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Local Students Cooking Up Edible Arts & Crafts

By Keith Garvin, CBS 11 News
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Plums and rapes ae displayed at a market. (credit: hristopher Furlong/Getty Images)

Plums and rapes ae displayed at a market. (credit: hristopher Furlong/Getty Images)

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NORTH TEXAS (CBSDFW.COM) – The Kids Teaching Kids program in North Texas schools is helping elementary and high school students understand the importance of being healthy.

In fact, some students are turning healthy snacks into edible arts & crafts.

The high school juniors and seniors are helping in the fight against obesity while studying to be future chefs. They’re charged with creating healthy, kid friendly snacks.

Nicole Frink made lettuce wraps. “It was kind of hard to find something that was good and healthy at the same time,” she said.

All of the kids are students in the Texas ProStart program, the Texas Restaurant Associations’ culinary high school initiative.

For weeks the students have been planning and testing unique healthy recipes.

Why not try some magic muffin madness? All you need is an English muffin. “It’s sort of like a mini pizza and you put bruschetta topping on it,” explained senior Osama Abubaker. “It’s like the tomato sauce and you put tomatoes spinach and feta cheese. That’s it really…healthy and simple.”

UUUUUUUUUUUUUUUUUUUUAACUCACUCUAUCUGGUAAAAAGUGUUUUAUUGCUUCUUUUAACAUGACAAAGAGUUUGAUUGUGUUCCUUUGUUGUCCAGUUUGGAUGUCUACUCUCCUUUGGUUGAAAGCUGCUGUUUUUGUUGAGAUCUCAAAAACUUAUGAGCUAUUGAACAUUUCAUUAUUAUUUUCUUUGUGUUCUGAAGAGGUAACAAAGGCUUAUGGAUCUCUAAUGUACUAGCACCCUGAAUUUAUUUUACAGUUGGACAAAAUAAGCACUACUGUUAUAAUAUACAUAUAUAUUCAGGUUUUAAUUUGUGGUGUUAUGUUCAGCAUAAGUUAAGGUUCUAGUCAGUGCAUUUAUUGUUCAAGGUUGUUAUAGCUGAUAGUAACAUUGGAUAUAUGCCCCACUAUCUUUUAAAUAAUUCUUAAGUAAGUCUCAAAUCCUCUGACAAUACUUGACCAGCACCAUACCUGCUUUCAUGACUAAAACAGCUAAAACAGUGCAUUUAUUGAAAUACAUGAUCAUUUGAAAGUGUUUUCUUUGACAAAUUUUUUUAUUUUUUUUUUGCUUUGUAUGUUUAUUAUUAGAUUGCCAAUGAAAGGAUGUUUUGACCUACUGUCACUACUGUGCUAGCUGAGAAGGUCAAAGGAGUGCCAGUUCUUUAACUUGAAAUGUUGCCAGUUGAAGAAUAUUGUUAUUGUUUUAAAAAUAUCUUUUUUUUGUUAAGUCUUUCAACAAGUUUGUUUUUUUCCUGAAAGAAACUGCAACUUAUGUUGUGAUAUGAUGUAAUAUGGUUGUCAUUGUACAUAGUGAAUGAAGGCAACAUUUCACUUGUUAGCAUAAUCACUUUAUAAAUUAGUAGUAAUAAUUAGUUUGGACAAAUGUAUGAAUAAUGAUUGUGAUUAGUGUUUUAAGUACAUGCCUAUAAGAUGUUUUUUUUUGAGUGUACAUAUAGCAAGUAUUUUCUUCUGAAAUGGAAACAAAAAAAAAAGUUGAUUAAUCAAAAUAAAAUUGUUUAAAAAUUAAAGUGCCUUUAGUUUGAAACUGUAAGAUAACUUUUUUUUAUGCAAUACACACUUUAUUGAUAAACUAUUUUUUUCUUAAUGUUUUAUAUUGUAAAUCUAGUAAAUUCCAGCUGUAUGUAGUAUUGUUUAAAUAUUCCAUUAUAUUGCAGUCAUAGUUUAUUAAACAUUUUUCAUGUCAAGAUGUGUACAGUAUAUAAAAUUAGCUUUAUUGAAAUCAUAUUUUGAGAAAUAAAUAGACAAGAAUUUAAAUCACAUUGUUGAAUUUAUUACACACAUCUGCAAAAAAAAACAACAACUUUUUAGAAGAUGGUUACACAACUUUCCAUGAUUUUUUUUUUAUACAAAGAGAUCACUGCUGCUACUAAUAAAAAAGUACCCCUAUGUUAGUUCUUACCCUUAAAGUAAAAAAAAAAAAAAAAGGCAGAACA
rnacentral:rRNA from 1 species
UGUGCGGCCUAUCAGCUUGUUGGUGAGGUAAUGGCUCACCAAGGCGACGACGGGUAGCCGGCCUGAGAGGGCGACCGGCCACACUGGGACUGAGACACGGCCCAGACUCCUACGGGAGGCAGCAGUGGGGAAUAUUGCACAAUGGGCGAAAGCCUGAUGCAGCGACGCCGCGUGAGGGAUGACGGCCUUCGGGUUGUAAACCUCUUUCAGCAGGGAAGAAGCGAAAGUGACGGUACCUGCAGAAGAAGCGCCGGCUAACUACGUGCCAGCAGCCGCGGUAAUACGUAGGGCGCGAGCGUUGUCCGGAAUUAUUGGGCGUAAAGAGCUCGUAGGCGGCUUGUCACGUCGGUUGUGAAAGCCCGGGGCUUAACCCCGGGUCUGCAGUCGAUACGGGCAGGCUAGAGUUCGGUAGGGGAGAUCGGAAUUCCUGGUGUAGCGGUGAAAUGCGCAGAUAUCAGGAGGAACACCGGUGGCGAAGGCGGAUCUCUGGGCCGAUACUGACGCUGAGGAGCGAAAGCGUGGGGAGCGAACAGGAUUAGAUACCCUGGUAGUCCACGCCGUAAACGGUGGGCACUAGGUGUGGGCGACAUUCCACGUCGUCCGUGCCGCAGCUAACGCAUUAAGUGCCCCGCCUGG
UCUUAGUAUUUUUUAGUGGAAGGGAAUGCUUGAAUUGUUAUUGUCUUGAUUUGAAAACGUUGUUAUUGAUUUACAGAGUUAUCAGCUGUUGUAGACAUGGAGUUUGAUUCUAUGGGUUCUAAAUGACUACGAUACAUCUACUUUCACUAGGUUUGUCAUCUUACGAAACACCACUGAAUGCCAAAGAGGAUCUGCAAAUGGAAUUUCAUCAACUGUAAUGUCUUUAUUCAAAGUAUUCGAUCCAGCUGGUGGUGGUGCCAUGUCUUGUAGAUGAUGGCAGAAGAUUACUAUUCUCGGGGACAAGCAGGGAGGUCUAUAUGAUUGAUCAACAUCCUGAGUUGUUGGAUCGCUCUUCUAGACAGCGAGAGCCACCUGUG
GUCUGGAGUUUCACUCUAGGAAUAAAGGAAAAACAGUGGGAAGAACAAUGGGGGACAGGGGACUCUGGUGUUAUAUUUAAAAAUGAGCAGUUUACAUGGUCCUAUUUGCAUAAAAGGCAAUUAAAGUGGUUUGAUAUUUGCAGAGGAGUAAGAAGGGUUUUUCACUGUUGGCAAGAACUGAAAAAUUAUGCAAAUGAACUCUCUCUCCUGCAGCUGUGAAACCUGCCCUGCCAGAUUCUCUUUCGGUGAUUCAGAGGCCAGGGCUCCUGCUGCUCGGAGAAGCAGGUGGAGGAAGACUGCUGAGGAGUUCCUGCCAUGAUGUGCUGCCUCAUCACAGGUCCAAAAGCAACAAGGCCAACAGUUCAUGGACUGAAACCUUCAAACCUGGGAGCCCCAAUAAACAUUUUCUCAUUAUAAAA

Another healthy option – a fruit kabob; consisting of strawberries, bananas, grapes, apples and a dipping sauce.

Student’s work with Medical City Dallas Hospital heart registered dietitians and Texas Chef Association chef mentors to make sure their snacks fit nutritional guidelines.

“Teach our future chefs of tomorrow, when they are creating recipes, [to] think about what they are creating but also educate them on serving sizes and nutritional facts,” said Ryan Eason with Medical City.

The students are making a cookbook filled with their healthy snack recipes. Fourth and 5th graders in North Texas will free copies of the book.

Want-to-be chefs aren’t the only ones getting firsthand experience. Photography students take pictures of the snacks and the journalism students do all the layout and design of the cookbooks. Area companies pay for the total production of the books.

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